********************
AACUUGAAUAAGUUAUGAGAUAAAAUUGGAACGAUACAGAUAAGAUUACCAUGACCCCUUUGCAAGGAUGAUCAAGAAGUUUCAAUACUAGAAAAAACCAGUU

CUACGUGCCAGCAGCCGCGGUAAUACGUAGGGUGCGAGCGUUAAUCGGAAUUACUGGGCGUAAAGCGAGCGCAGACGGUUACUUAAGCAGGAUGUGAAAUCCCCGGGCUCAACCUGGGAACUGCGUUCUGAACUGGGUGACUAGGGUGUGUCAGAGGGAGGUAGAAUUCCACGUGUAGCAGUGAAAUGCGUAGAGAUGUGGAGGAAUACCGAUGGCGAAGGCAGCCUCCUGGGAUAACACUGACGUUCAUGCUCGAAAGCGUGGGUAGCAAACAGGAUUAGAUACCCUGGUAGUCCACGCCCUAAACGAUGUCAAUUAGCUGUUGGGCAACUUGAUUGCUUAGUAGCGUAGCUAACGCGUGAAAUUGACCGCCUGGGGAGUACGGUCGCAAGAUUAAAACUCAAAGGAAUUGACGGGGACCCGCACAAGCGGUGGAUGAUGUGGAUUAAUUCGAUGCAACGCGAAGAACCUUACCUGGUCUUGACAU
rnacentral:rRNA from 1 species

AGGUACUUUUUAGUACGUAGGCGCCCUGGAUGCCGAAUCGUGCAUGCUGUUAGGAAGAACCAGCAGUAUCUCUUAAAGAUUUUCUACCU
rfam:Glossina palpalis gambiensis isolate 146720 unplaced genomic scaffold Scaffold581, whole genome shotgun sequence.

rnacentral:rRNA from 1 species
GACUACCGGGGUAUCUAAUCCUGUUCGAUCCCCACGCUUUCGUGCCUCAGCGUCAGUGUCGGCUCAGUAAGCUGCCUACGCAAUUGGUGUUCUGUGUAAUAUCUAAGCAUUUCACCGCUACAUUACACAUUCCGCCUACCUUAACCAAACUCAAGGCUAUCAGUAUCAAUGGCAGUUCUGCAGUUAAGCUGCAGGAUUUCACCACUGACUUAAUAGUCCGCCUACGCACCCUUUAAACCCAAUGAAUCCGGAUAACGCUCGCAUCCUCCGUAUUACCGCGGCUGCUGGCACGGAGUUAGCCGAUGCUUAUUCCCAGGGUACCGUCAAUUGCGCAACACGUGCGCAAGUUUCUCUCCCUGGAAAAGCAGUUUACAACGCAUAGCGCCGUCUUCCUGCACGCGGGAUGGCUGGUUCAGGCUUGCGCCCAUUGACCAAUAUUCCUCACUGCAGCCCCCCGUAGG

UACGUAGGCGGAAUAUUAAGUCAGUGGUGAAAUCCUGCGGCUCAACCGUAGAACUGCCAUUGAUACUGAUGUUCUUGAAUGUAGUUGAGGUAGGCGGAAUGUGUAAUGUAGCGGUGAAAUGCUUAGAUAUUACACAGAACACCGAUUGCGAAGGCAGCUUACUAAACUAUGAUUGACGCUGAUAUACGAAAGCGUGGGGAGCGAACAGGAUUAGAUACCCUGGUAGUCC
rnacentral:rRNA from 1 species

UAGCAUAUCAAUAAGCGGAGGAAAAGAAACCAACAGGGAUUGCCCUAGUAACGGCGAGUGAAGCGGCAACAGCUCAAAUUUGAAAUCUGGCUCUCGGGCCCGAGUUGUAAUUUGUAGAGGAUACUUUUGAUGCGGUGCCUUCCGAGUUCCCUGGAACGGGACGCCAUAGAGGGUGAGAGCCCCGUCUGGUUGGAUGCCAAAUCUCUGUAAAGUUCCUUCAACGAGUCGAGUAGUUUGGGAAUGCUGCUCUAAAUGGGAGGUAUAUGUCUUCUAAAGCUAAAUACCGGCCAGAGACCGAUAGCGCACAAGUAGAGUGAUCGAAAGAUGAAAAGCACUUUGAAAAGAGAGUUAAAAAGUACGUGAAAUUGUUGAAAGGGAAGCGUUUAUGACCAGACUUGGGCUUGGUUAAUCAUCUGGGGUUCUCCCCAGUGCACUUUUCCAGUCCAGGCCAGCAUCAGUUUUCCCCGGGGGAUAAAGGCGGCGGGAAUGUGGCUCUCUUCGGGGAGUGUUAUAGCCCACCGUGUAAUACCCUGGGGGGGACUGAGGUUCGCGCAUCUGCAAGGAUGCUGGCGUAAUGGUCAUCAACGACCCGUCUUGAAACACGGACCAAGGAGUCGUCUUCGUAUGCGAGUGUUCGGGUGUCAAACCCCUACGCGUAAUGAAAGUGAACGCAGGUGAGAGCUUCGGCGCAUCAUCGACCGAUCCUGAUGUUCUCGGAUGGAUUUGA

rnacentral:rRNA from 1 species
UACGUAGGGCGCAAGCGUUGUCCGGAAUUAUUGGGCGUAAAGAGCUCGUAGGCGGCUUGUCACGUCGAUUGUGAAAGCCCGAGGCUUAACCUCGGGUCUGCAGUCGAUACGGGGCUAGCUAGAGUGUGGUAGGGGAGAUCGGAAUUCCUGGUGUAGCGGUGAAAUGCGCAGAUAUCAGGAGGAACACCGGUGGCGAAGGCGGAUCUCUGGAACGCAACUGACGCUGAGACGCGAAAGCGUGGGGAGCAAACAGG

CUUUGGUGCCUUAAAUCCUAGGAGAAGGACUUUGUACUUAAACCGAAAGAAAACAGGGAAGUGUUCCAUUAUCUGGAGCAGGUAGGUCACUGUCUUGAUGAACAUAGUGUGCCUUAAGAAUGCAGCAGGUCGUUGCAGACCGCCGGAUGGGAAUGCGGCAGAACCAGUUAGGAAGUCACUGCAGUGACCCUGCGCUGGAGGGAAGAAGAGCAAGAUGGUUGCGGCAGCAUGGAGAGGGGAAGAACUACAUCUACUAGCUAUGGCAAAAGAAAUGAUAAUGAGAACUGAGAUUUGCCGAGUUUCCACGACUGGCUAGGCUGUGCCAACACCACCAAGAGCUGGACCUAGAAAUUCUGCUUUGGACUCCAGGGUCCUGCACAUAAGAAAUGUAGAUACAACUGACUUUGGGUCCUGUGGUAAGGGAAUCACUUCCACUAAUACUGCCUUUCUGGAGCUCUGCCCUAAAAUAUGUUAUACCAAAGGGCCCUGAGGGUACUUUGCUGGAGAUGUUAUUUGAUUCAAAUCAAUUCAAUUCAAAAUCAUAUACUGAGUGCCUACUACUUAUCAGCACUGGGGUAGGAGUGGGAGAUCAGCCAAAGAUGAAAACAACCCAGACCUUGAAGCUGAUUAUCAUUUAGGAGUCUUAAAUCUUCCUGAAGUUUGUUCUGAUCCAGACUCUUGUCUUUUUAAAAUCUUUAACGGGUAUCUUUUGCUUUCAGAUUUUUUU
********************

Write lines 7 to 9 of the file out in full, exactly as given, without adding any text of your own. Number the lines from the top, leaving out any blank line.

GACUACCGGGGUAUCUAAUCCUGUUCGAUCCCCACGCUUUCGUGCCUCAGCGUCAGUGUCGGCUCAGUAAGCUGCCUACGCAAUUGGUGUUCUGUGUAAUAUCUAAGCAUUUCACCGCUACAUUACACAUUCCGCCUACCUUAACCAAACUCAAGGCUAUCAGUAUCAAUGGCAGUUCUGCAGUUAAGCUGCAGGAUUUCACCACUGACUUAAUAGUCCGCCUACGCACCCUUUAAACCCAAUGAAUCCGGAUAACGCUCGCAUCCUCCGUAUUACCGCGGCUGCUGGCACGGAGUUAGCCGAUGCUUAUUCCCAGGGUACCGUCAAUUGCGCAACACGUGCGCAAGUUUCUCUCCCUGGAAAAGCAGUUUACAACGCAUAGCGCCGUCUUCCUGCACGCGGGAUGGCUGGUUCAGGCUUGCGCCCAUUGACCAAUAUUCCUCACUGCAGCCCCCCGUAGG

UACGUAGGCGGAAUAUUAAGUCAGUGGUGAAAUCCUGCGGCUCAACCGUAGAACUGCCAUUGAUACUGAUGUUCUUGAAUGUAGUUGAGGUAGGCGGAAUGUGUAAUGUAGCGGUGAAAUGCUUAGAUAUUACACAGAACACCGAUUGCGAAGGCAGCUUACUAAACUAUGAUUGACGCUGAUAUACGAAAGCGUGGGGAGCGAACAGGAUUAGAUACCCUGGUAGUCC
rnacentral:rRNA from 1 species